UBC Theses and Dissertations
Understanding the effect of freezing on rock mass behaviour as applied to the Cigar Lake mining method Roworth, Megan Rose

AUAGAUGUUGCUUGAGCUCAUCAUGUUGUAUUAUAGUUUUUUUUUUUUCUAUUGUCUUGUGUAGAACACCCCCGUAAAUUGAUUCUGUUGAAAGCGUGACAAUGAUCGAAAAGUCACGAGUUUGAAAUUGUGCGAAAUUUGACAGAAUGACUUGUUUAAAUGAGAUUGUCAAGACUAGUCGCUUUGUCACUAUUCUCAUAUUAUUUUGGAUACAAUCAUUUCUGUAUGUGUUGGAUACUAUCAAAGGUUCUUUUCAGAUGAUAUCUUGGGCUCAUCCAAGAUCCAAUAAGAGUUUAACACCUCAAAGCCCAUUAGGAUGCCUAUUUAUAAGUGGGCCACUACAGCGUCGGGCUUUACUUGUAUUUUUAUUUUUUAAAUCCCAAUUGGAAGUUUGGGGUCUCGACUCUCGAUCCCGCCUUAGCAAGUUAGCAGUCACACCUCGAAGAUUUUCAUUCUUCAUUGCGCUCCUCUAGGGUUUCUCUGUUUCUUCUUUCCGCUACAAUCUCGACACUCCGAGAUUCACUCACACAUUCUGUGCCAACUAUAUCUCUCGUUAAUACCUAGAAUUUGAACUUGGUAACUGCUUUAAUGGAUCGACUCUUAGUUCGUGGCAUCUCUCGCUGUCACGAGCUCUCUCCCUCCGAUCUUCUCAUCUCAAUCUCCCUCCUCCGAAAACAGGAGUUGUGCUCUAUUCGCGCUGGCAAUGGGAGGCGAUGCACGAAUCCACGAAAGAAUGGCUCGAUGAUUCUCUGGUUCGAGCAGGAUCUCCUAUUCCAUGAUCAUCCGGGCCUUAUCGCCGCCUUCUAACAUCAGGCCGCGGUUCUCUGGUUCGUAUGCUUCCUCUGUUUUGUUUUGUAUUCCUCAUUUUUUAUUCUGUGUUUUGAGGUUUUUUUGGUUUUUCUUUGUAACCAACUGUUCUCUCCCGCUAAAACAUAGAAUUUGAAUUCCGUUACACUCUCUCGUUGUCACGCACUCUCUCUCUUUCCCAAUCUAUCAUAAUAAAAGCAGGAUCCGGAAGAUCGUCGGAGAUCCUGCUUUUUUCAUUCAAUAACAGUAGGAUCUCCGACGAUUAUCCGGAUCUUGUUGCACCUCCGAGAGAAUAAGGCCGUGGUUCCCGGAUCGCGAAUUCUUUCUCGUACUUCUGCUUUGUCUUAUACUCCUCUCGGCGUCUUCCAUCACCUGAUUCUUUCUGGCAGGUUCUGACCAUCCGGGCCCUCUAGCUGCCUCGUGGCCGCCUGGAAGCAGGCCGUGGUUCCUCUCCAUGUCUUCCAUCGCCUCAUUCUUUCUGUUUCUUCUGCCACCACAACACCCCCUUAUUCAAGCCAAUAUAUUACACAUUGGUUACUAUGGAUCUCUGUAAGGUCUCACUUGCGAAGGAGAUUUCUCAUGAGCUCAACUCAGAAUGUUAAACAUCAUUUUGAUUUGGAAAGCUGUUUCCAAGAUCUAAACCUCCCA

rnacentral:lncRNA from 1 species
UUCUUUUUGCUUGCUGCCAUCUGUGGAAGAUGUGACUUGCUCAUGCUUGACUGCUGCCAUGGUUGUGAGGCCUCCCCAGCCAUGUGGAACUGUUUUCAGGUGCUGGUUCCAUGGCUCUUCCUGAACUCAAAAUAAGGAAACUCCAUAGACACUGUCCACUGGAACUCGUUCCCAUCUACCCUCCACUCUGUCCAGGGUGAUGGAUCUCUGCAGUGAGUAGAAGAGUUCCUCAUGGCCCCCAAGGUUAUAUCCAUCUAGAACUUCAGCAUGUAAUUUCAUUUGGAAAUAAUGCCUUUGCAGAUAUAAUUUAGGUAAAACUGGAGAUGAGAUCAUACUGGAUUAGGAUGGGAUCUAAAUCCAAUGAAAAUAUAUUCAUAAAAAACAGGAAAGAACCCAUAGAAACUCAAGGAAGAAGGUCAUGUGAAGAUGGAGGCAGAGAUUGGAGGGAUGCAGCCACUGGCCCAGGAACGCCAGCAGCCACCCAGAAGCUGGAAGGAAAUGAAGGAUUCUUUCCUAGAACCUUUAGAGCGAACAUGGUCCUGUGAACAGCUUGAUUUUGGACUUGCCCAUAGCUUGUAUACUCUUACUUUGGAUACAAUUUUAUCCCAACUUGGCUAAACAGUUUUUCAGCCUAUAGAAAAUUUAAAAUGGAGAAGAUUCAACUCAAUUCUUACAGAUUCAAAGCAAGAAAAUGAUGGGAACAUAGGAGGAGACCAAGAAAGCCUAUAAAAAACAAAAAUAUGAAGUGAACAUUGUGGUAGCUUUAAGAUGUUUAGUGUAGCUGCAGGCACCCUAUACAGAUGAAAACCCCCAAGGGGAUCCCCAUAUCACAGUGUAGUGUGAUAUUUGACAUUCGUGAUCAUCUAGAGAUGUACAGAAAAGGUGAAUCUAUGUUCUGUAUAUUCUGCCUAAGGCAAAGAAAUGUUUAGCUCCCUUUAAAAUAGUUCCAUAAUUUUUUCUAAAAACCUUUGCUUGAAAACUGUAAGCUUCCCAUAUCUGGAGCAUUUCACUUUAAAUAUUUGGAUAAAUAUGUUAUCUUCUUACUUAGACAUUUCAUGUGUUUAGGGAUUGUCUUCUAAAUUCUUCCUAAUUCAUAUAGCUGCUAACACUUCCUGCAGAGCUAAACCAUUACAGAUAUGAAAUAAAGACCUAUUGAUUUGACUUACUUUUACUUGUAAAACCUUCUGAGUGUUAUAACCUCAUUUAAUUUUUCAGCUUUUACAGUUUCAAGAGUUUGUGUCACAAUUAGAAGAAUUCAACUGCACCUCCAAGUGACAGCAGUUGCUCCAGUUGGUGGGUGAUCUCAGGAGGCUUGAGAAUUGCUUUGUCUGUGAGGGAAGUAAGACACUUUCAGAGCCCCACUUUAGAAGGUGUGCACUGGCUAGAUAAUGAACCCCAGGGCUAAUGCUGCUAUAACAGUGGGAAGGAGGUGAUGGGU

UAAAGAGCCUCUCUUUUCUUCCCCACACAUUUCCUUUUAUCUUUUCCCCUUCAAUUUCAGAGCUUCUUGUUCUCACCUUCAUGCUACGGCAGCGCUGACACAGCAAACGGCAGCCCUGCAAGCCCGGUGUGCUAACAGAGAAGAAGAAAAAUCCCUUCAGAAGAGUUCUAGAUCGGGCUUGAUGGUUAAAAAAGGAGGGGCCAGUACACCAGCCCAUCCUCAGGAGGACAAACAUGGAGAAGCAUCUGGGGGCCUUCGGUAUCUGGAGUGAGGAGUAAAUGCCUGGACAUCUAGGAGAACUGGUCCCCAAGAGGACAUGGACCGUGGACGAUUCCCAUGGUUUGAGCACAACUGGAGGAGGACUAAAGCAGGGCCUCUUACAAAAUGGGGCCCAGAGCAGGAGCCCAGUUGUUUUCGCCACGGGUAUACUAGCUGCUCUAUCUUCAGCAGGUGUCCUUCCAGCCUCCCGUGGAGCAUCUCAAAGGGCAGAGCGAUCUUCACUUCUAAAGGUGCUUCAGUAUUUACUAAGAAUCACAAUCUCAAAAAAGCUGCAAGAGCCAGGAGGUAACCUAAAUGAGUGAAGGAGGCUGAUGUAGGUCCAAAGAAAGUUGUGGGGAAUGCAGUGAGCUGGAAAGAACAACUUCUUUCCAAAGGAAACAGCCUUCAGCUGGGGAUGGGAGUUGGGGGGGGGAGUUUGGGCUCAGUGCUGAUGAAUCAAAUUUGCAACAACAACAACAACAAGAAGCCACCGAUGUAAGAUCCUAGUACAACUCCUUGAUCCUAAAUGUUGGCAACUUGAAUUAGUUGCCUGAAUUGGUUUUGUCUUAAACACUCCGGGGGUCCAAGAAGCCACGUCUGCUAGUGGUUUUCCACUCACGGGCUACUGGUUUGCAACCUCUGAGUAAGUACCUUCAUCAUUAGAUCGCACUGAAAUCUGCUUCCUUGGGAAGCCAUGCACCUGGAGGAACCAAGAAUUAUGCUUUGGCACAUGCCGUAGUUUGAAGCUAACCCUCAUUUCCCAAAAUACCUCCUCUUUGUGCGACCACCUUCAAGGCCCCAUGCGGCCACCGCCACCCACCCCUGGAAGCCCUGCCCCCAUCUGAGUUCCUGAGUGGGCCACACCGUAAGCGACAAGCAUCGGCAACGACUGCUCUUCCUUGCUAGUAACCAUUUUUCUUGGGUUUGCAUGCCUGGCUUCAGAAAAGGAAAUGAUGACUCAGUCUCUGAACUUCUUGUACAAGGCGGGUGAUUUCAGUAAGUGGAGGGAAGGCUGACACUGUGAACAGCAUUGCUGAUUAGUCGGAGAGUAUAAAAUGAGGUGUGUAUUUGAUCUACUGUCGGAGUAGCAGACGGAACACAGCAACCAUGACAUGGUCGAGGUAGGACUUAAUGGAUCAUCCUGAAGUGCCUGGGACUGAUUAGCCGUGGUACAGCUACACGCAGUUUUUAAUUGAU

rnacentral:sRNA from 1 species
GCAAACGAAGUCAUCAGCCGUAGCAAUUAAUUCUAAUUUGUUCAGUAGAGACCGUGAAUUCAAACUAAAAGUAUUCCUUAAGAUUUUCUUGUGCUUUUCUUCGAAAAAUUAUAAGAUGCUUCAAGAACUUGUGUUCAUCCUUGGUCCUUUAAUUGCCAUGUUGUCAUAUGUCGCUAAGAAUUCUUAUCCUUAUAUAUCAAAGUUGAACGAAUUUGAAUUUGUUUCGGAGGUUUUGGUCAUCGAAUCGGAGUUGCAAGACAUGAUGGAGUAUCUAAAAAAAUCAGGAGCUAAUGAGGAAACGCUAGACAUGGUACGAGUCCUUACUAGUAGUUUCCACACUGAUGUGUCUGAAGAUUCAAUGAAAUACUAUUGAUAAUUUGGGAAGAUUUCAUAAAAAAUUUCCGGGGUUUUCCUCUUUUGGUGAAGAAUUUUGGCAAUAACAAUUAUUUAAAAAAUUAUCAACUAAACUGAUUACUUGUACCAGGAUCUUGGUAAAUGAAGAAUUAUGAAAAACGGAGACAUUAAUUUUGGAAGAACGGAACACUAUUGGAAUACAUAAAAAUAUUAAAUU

The objective of this research is to determine how ground freezing affects weak rockmass behaviour with application to the Cigar Lake mine. Cigar Lake mine is a prospective high grade uranium property in northern Saskatchewan where artificial ground freezing will be implemented to support the weak rock associated with the orebody and minimize the potential for a significant water inflow while mining the ore. The deposit comprises a mixture of massive pitchblende, clay and sand and is overlain by thick zones of sandy clay, unconsolidated sand, and altered sandstone. Above and below the orebody, the rockmass shows variations in porosity and permeability due to fracturing and alteration. Artificial ground freezing can be an effective approach to successfully manage and control underground excavations in weak rock mass conditions. Numerous mining and civil projects use artificial freezing worldwide; however, uncertainties remain with respect to understanding and predicting the behavior of frozen rock mass. Previous studies of frozen ground have largely focussed on the behaviour of soil, or in the few studies involving rock, the rock matrix. Of particular interest here is the behaviour of frozen discontinuities present in the weak rock mass and its influence in combination with the matrix on the overall frozen rock mass strength. A comparison of the Cigar Lake mine rockmass and mining operations with that of the McArthur River mine, an unconformity uranium deposit in northern Saskatchewan also utilizing artificial ground freezing will provide the basis for the increase in rockmass quality from unfrozen to frozen conditions. Improving in situ and laboratory characterization methods and developing a better understanding of rock behaviour at sub-zero temperatures is the key focus of this research. A material testing program including unconfined compressive strength, direct shear, and four-point beam experiments was completed using frozen Cigar Lake rock samples. These results are then discussed with respect to the behaviour of the frozen material encompassing the mined out cavities in order to ensure cavity stability during mining. The influence of freezing on the rockmass quality is found to be significant for very weak rocks and decreases exponentially with increasing rockmass strength.
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